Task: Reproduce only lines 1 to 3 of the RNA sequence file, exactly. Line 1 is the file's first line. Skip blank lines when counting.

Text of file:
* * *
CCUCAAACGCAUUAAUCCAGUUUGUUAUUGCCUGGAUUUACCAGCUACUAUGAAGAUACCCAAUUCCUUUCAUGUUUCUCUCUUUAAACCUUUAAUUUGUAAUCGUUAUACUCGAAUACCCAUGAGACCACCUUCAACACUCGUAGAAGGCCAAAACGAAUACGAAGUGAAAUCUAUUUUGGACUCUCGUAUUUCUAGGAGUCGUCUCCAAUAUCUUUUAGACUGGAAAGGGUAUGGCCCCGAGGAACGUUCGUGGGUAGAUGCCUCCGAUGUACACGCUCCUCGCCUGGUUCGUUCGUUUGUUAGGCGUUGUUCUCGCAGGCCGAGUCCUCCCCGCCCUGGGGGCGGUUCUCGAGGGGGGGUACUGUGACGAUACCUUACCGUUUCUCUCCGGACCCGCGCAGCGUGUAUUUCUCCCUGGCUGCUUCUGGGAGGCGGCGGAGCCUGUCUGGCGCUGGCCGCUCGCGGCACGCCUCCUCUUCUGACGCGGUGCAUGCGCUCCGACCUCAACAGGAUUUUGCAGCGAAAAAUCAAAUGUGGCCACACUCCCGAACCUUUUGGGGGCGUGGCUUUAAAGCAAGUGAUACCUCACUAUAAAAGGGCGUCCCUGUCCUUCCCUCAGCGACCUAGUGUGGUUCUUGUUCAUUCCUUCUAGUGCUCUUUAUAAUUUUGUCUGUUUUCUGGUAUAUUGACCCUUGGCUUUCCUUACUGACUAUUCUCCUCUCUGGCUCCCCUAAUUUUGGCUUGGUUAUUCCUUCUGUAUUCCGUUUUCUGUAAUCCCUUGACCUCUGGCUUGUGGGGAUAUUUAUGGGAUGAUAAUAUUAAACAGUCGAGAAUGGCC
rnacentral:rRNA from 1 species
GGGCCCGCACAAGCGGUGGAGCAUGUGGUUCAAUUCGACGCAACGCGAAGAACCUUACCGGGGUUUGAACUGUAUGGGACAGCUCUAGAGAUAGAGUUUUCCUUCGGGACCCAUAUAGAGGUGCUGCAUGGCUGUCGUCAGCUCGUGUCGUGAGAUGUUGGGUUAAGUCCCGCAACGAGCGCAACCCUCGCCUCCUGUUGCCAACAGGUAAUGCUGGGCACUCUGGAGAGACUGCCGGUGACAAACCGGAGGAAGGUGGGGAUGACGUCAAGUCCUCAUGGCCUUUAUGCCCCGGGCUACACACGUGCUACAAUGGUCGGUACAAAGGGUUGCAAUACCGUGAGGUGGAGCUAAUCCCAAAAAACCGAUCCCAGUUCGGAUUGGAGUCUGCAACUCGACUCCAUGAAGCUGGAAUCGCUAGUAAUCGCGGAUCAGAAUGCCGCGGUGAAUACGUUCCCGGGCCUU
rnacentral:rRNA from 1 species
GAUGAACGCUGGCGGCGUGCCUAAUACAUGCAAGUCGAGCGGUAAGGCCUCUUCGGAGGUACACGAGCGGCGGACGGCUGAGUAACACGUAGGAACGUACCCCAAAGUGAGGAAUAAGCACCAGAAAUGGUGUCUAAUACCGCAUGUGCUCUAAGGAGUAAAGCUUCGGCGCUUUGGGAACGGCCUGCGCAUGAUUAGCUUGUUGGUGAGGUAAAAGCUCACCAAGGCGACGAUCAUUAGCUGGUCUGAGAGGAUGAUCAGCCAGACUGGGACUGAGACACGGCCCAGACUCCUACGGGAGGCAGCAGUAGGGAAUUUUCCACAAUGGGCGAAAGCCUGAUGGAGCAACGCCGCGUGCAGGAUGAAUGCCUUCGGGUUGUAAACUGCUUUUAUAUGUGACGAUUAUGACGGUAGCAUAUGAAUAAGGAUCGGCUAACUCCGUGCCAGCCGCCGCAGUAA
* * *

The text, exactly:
CCUCAAACGCAUUAAUCCAGUUUGUUAUUGCCUGGAUUUACCAGCUACUAUGAAGAUACCCAAUUCCUUUCAUGUUUCUCUCUUUAAACCUUUAAUUUGUAAUCGUUAUACUCGAAUACCCAUGAGACCACCUUCAACACUCGUAGAAGGCCAAAACGAAUACGAAGUGAAAUCUAUUUUGGACUCUCGUAUUUCUAGGAGUCGUCUCCAAUAUCUUUUAGACUGGAAAGGGUAUGGCCCCGAGGAACGUUCGUGGGUAGAUGCCUCCGAUGUACACGCUCCUCGCCUGGUUCGUUCGUUUGUUAGGCGUUGUUCUCGCAGGCCGAGUCCUCCCCGCCCUGGGGGCGGUUCUCGAGGGGGGGUACUGUGACGAUACCUUACCGUUUCUCUCCGGACCCGCGCAGCGUGUAUUUCUCCCUGGCUGCUUCUGGGAGGCGGCGGAGCCUGUCUGGCGCUGGCCGCUCGCGGCACGCCUCCUCUUCUGACGCGGUGCAUGCGCUCCGACCUCAACAGGAUUUUGCAGCGAAAAAUCAAAUGUGGCCACACUCCCGAACCUUUUGGGGGCGUGGCUUUAAAGCAAGUGAUACCUCACUAUAAAAGGGCGUCCCUGUCCUUCCCUCAGCGACCUAGUGUGGUUCUUGUUCAUUCCUUCUAGUGCUCUUUAUAAUUUUGUCUGUUUUCUGGUAUAUUGACCCUUGGCUUUCCUUACUGACUAUUCUCCUCUCUGGCUCCCCUAAUUUUGGCUUGGUUAUUCCUUCUGUAUUCCGUUUUCUGUAAUCCCUUGACCUCUGGCUUGUGGGGAUAUUUAUGGGAUGAUAAUAUUAAACAGUCGAGAAUGGCC
rnacentral:rRNA from 1 species
GGGCCCGCACAAGCGGUGGAGCAUGUGGUUCAAUUCGACGCAACGCGAAGAACCUUACCGGGGUUUGAACUGUAUGGGACAGCUCUAGAGAUAGAGUUUUCCUUCGGGACCCAUAUAGAGGUGCUGCAUGGCUGUCGUCAGCUCGUGUCGUGAGAUGUUGGGUUAAGUCCCGCAACGAGCGCAACCCUCGCCUCCUGUUGCCAACAGGUAAUGCUGGGCACUCUGGAGAGACUGCCGGUGACAAACCGGAGGAAGGUGGGGAUGACGUCAAGUCCUCAUGGCCUUUAUGCCCCGGGCUACACACGUGCUACAAUGGUCGGUACAAAGGGUUGCAAUACCGUGAGGUGGAGCUAAUCCCAAAAAACCGAUCCCAGUUCGGAUUGGAGUCUGCAACUCGACUCCAUGAAGCUGGAAUCGCUAGUAAUCGCGGAUCAGAAUGCCGCGGUGAAUACGUUCCCGGGCCUU